A 57-year-old male patient was transferred to the emergency department after a road traffic accident. He had a fall from his bike and his right arm was crashed by the following car. On clinical examination, he had pain and obvious deformity in the shoulder while he was unable to move his arm in any direction, especially in external rotation. He had numbness in the regimental badge region of the axillary nerve and normal radial pulse at the wrist. Radiological examination showed an anterior shoulder dislocation with impaction of the humeral head underneath glenoid and associated fracture of the greater tuberosity (Fig. 1). He had no other skeletal or visceral injuries. After conscious sedation, an effort for closed reduction (3 attempts) was performed in the emergency room but was unsuccessful. For reasons unrelated to the patient or the disease a CT-scan of the shoulder was not possible to be performed at that time. The patient was transferred immediately to the operative theatre for closed manipulation under general anaesthesia in order to reduce the dislocation and avoid further neurological compromise; a CT-scan and/or MRI has been scheduled for the next morning. Despite prompt sedation and muscle relaxation the shoulder was still unable to interpose. Open reduction was accomplished thereafter using the deltopectoral approach; the biceps tendon was found entrapped posterolateral between the humeral head and the tuberosity fragment preventing once again reduction of the glenohumeral joint. (Fig. 2). Tenotomy and tenodesis of the frayed biceps at the level of pectoralis major was performed using a bone anchor; the transverse ligament at the bicipital groove had been torned. Next, the subscapularis was incised, 1 cm medial to its insertion at the lesser tubercle, and retracted medially after separated from the capsule. The latter was incised and the labrum was clearly visualized and was found to be intact inferomedially. Using longitudinal traction and finger manipulation in an anterior direction the humeral head was finally reduced revealing a large triangular Hill-Sachs lesion at its posterior part. The greater tuberosity was fixed back to its bed using heavy transosseous sutures (Fig. 3). The capsule and subscapularis tendon were repaired anatomically with sutures and the shoulder joint was found stable through a full range of motion of internal rotation and external rotation with the arm in adduction and at 90° of abduction. The patient had an uneventful postoperative recovery without neurovascular compromise. Pendulum exercises initiated from the second postoperative day followed by passive assisted forward flexion and limitation of active internal rotation for 4 weeks. At the last follow up, one year postoperatively he had a stable joint, full range of motion and a Constant score of 90 (Fig. 4).


Most acute anterior shoulder dislocations are easily reduced by closed means. There are a few cases of irreducible dislocations reported in the literature [5-26], usually affecting young men at their fourth decade of life. Mechanical obstructers preventing reduction have been attributed to large Hill-Sachs lesions and interposition of the subscapularis or the long-head of the biceps. Other less common causes include free fracture fragments, torn labrum in the glenoid rim and entrapment of surrounding nerves. In our case, there was a combination of factors preventing closed reduction: the severely impacted head at the inferior margin of the glenoid with the associated Hill- Sachs lesion, the large greater tuberosity fragment and the interposition of the long head of the biceps tendon (LHBT) between the tuberosity fragment and the posterolateral aspect of the humeral head.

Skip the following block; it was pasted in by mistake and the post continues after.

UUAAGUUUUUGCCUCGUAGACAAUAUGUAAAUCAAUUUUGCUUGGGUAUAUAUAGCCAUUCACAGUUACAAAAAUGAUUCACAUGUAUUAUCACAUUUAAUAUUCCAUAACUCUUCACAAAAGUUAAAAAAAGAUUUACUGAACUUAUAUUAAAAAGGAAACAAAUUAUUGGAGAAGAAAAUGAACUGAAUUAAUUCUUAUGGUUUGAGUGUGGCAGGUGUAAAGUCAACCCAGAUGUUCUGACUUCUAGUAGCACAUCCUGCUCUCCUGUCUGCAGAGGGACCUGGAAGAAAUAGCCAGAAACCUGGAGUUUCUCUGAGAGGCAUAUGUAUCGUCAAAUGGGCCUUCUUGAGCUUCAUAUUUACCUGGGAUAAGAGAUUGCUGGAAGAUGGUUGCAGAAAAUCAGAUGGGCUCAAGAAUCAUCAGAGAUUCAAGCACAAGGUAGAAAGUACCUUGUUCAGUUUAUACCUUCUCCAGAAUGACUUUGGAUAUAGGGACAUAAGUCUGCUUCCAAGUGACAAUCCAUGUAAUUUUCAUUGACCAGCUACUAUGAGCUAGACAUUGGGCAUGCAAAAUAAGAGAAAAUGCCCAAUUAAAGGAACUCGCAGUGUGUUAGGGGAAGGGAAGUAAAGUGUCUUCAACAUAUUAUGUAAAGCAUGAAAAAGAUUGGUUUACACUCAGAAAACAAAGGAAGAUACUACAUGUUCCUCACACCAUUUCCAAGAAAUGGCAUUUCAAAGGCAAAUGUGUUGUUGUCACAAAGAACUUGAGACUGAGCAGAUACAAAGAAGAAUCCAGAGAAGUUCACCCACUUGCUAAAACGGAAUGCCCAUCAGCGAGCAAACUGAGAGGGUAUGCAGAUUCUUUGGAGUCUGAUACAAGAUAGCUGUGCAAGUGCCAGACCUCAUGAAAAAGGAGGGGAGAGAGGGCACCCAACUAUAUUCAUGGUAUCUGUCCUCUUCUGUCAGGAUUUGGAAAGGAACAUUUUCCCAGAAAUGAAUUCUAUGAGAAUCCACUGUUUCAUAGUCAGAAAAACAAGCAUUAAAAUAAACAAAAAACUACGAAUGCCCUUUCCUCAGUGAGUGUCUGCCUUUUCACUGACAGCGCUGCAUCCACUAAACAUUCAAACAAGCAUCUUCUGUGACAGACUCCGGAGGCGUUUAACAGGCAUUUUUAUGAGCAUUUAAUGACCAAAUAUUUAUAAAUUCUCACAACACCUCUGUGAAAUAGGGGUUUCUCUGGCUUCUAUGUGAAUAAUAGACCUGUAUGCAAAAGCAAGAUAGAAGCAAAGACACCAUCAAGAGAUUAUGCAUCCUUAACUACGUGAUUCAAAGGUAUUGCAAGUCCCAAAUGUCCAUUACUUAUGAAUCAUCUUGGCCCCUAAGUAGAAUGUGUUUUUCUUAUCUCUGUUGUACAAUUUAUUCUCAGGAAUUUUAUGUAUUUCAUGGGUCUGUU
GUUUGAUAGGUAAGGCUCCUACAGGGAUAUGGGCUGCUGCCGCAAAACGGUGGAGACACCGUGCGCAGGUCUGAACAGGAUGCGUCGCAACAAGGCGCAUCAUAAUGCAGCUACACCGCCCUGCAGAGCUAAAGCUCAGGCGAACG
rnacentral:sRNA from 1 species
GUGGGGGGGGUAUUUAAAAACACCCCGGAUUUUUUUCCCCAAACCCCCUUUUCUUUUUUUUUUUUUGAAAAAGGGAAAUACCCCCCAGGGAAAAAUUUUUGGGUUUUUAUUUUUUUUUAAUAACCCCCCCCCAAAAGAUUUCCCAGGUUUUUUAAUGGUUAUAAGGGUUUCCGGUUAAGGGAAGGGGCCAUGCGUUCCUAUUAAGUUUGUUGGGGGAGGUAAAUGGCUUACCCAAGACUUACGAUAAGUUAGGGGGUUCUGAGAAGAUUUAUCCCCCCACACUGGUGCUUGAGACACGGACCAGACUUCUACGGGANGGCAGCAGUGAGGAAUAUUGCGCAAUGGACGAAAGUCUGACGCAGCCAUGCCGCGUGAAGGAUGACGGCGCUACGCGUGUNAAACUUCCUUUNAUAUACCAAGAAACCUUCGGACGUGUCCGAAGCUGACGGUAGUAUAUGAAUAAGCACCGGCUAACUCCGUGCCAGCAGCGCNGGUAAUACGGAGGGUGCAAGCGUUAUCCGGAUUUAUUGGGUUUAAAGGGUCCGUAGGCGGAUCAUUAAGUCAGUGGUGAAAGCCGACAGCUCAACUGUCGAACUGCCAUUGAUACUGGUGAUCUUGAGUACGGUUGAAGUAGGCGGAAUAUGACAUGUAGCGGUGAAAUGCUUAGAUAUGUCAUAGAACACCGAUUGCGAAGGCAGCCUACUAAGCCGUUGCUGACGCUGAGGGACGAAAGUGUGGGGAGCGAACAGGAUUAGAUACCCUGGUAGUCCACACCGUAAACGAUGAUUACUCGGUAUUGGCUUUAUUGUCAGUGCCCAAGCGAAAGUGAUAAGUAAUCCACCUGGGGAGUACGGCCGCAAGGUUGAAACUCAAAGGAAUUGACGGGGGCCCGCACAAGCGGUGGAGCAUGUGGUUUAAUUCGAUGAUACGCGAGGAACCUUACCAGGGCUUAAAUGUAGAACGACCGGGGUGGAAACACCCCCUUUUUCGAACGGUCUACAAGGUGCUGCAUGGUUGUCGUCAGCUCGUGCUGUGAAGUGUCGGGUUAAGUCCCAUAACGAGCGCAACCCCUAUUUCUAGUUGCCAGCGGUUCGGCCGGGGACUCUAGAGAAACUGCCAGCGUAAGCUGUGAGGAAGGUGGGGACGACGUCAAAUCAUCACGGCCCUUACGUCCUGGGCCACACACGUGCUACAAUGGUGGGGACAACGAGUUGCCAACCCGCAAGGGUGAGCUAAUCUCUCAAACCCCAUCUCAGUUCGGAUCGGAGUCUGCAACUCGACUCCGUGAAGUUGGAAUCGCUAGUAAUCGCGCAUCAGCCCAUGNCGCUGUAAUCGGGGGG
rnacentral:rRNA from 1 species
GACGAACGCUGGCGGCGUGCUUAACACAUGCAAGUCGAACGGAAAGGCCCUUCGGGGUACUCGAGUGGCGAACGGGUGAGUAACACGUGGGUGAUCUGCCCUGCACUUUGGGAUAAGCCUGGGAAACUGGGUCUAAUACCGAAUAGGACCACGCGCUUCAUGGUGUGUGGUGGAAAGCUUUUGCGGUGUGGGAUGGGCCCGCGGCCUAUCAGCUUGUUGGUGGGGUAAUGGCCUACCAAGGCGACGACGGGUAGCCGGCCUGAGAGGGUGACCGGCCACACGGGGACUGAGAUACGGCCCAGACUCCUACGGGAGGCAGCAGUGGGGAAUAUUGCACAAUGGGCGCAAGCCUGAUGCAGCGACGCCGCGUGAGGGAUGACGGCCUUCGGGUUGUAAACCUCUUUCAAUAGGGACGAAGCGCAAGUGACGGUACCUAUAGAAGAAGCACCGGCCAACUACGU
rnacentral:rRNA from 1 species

A comprehensive review of the literature revealed 22 reports of irreducible anterior shoulder dislocation affecting a total of 30 patients [5-26] (Table 1). Nakhaei Amroodi M [15] reported on 7 patients; 6 had greater tuberosity fracture and LHBT interposition and one a “shield” greater and lesser tuberosity fracture interposed by subscapularis and infraspinatus tendons. Seradge H & Orme G [7] reported on 3 cases with 3 different mechanisms of obstruction; the rest 20 reports concerned single cases only. Interposition of the LHBT alone or in combination with greater tuberosity fracture was the most common obstacle to reduction [5, 7, 9, 11-16], followed by subscapularis tendon interposition either tightened around the humeral head or as soft tissue hindrance inside glenoid [17, 19-24]. Other reasons for an unsuccessful closed reduction were the interference of bony fragments [18, 25] or the labrum [7] inside glenoid, the presence of a “shield” fracture of both tuberosities [15], interposition of the musculocutaneus nerve [26] and two cases of anterosuperior dislocation with torn rotator cuff and the humeral head lying underneath deltoid muscle [8, 10].

Fig. (1). Anteroposterior view of the right shoulder showing anterior dislocation with impaction of the humeral head (Hill-Sachs lesion) and associated comminuted greater tuberosity fracture.

Fig. (2). Intraoperative view of the dislocation through the dectopectoral approach. The thin arrow shows the impaction of the humeral head underneath glenoid rim, the small arrow the interposed long head of the biceps tendon and the star the greater tuberosity fragment. The drawing at the right illustrates the intraoperative findings.

Fig. (3). Postoperative anteroposterior view of the right shoulder showing reduction of the dislocation and fixation of the greater tuberosity with transosseous sutures. The bone anchor indicates the site of biceps tendon tenodesis.

Fig. (4). Follow up anteroposterior x-ray of the right shoulder in external (a) internal (b) and rotation showing a stable joint and good healing of the greater tuberosity.

Table 1. Comprehensive literature review of irreducible anterior shoulder dislocations.